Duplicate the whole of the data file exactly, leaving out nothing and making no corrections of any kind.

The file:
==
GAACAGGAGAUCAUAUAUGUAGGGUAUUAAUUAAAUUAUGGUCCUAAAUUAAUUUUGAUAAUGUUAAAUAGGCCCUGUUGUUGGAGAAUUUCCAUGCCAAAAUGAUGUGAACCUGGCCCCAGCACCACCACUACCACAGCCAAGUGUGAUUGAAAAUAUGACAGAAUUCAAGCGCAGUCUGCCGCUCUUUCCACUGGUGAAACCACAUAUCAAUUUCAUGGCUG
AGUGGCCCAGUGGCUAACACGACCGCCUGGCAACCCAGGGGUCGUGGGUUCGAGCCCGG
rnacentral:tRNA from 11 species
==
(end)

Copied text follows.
GAACAGGAGAUCAUAUAUGUAGGGUAUUAAUUAAAUUAUGGUCCUAAAUUAAUUUUGAUAAUGUUAAAUAGGCCCUGUUGUUGGAGAAUUUCCAUGCCAAAAUGAUGUGAACCUGGCCCCAGCACCACCACUACCACAGCCAAGUGUGAUUGAAAAUAUGACAGAAUUCAAGCGCAGUCUGCCGCUCUUUCCACUGGUGAAACCACAUAUCAAUUUCAUGGCUG
AGUGGCCCAGUGGCUAACACGACCGCCUGGCAACCCAGGGGUCGUGGGUUCGAGCCCGG
rnacentral:tRNA from 11 species